Federal voting rights and employment statutes, as well as the Fair Housing Act, recognize the use of disparate impact to find discrimination in those areas, and Donald Trump would need Congress to rewrite such laws if he wants to do anything about that.
But regulations and what the administration likes to call “sub-regulatory guidance” that accept the use of disparate impact may be changed or scrapped by administrative action — as Betsy DeVos, the secretary of education, did last month when she did away with school discipline guidelines the Obama administration issued to curb the disproportionate punishment of black and brown schoolchildren.
In a report published ahead of that decision, the Education Department said disparate impact “may lead schools to adopt racial quotas or proportionality requirements.”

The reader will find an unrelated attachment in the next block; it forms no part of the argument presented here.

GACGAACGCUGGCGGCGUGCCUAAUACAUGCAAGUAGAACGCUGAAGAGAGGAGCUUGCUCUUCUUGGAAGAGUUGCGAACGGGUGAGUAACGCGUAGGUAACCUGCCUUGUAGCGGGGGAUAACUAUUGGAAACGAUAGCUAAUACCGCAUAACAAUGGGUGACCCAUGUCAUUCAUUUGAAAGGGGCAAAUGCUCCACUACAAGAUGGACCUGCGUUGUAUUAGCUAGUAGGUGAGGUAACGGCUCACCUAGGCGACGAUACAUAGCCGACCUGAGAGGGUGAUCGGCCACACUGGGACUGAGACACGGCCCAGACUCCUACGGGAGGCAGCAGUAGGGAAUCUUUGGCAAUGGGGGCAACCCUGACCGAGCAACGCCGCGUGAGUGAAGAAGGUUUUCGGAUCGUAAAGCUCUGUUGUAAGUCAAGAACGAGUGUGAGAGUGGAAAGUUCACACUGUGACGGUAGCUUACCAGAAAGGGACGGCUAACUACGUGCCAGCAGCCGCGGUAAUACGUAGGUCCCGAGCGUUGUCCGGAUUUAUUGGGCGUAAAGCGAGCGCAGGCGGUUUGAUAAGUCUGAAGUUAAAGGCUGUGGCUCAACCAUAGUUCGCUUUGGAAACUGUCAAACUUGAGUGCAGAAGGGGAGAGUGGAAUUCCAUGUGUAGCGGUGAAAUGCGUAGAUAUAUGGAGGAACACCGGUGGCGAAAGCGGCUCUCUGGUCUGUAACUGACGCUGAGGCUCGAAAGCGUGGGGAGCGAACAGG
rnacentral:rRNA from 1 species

This same attitude is likely what drove the Department of Housing and Urban Development, under Secretary Ben Carson, to reconsider a 2013 rule that set up a standard for how to impose liability for housing practices that had a disparate impact on minorities. The rule revision is still pending, but in 2017, the Treasury Department told HUD that disparate impact assessments could be illegal and disrupt the insurance industry.
What the Trump administration is doing is nothing new. Republicans and conservative legal theorists have long set their sights on the disparate impact principle, claiming that the only true evil that needs to be rooted out under the law is intentional discrimination. To the Reagan Justice Department, disparate impact was a “rhetorical misappropriation” of the word “discrimination” — a “contrived theory” that only perpetuates injustice and inequality.